Dear Dumplings — 8 weeks: For the Love Of Pets


Dear Dumplings,

This week, I do not get to see you.  I am not worried about that, as I have no reason to think you are not growing like little weeds in there given the fact that my pants are starting to feel way too tight around the middle.  It is fun to take a peek at you and hear those little heartbeats.  We will see you next Wednesday and then two weeks after that we will have our first appointment with the doctor who will deliver you.  She seems very nice and she is the one who recommended Dr. K to us, so for that we will always be grateful.

I have to admit, I am going to have a hard time leaving Dr. K as I feel like he has been with us so long, but unfortunately he does not deliver babies.  We’ll definitely take you to meet him, especially since he is in the same building as our new doctor.  Plus, we might run into him at yoga.  You never know.

Last week I decided to call you Harper and Harlow, which everyone seems to love.  I wish I could feel you so I could tell you apart, but being as small as you are, I can’t feel much except stretching.  When we were doing yoga last weekend in Ojai, I felt you stretching a lot.  I took it easy, but it was nice to be back on my mat for three days in a row.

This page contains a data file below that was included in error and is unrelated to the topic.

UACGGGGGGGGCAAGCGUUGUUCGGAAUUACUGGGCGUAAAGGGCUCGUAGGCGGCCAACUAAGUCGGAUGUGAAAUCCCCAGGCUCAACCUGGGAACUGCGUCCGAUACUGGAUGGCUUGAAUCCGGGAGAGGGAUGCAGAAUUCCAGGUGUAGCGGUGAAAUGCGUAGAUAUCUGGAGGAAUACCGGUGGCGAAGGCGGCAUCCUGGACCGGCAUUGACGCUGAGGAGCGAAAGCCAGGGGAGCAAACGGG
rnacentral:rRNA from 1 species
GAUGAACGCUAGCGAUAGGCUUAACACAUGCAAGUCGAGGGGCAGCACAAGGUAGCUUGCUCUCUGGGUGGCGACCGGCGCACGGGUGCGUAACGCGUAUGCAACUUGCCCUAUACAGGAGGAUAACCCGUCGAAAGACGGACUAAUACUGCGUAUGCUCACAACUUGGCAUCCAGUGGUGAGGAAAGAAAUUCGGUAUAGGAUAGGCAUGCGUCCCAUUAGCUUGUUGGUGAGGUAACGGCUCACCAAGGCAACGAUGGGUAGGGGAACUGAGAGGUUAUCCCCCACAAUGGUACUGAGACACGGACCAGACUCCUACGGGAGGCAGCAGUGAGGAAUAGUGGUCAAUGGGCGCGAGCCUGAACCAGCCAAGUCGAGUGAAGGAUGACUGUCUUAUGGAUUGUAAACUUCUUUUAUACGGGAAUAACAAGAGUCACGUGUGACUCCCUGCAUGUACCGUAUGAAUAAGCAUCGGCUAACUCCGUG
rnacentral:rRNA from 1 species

Today you are eight weeks and three days old.  Depending on what I am reading you are slightly bigger than a jellybean or a raspberry.  I am more of a raspberry fan myself.  I never did take to jellybeans, though I do love Swedish fish and Hot Tamales.  Both of those things are candy, and have no relation to fish or tamales. The two of you actually seem to like Swedish Fish quite a lot.  And Jello pudding cups.  Lots of Jello pudding cups this week.

I have this iPad App called Sprout and it shows me pictures of what you look like each week and tells me what is going on inside my belly.  Your noses and upper lips are growing more prominent and your little arms and legs are further emerging, but they still sort of look like little paddles.  The very important event of closing your neural tube has also occurred, at least we pray it has.